Mark Steel, Simon & Schuster, £12.99
How could someone as charming, talented, and funny as Mark Steel have produced as sad and at points as unpleasant a book as this? The answer that Mark himself gives is that the past decade has been a bad one for him.
Personally, he turned 40 and a longstanding relationship painfully fell apart. Politically, even though mass resistance to neoliberalism and war developed on a spectacular scale, he believes, "The link between the left and youth now seems almost completely broken." And - partly in response - Mark tells us at the end of the book that he has resigned from the Socialist Workers Party (SWP).
Inevitably this last aspect of the book is of particular concern to this review. Mark's midlife crisis is no one else's business, even if he chooses to share it with the rest of us (and one can't help wondering what the woman who Mark consistently calls his "ex-partner" must feel about him ventilating his side of their breakup so publicly). As for the political commentary that runs through the book, it views the SWP and the rest of the left from a great height. It is from this vantage point that we all seem to Mark petty, old and stupid.
This means it's hard to know how to argue with him. His political pronouncements reflect an immense degree of detachment from the movements and organisations on which he passes generally damning judgement. I don't agree with some of the things he says about what the SWP did in the 1990s, but at least they show an insider's knowledge, for Mark was still quite an active member then. What he says about the past decade evinces a kind of grandiose ignorance that is a consequence of the fact that he's no longer actively involved in the SWP or indeed anything else.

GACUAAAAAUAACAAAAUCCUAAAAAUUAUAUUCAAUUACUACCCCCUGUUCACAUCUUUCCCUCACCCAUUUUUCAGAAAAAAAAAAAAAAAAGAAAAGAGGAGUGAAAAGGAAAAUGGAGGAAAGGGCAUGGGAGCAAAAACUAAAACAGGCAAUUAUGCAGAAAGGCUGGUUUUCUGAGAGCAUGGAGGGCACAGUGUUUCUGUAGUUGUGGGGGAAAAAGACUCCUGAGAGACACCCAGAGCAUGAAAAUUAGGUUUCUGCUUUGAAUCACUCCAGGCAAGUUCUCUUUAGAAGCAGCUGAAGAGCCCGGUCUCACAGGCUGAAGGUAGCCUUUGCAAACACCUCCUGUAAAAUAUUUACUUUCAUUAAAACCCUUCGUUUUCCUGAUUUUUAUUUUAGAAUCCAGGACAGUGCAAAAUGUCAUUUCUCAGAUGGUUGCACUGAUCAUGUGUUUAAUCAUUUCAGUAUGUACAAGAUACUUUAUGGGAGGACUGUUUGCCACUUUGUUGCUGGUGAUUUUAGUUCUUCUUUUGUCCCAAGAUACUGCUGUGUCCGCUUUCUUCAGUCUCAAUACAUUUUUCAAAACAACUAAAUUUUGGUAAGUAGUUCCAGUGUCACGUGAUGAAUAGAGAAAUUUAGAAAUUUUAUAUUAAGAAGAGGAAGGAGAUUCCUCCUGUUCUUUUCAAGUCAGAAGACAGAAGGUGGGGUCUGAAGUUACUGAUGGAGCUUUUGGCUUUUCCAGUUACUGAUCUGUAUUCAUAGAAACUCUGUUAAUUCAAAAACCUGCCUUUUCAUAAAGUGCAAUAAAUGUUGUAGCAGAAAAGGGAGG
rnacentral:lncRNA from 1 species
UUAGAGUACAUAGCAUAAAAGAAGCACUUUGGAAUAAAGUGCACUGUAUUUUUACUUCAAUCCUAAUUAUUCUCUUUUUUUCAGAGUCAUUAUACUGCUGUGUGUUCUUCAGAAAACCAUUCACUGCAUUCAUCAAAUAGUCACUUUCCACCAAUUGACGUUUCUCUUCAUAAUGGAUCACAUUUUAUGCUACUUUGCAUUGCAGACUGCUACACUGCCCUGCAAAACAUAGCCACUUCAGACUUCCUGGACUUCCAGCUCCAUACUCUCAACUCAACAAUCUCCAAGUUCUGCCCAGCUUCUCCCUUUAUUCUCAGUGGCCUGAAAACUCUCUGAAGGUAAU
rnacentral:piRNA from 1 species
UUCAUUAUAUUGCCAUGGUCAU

What seems to have reawakened Mark's interest in the SWP was the crisis in Respect. He thinks that the SWP leadership was wrong not to have broken with George Galloway when he appeared on Celebrity Big Brother - an act on whose iniquity he waxes most eloquent - and also wrong to have defended ourselves when the same Galloway attacked us.
If you think it's hard to find the logic in this, you will be even more puzzled to learn, though Mark doesn't mention it himself, that he has publicly associated himself with Galloway's breakaway from Respect. The only principle one can detect here is that the SWP is always in the wrong.
Amid the muddle and special pleading, there is much that is both perceptive and engaging about this book. Mark is, for example, eloquent about the immense power of the media and their culture of celebrity to deflect and to incorporate. But, if Galloway's trajectory bears witness to this power, so too does Mark's. He tries to generate some pathos from the moment when he cancelled his subscription to the SWP, but the truth is that he'd left us in spirit years before.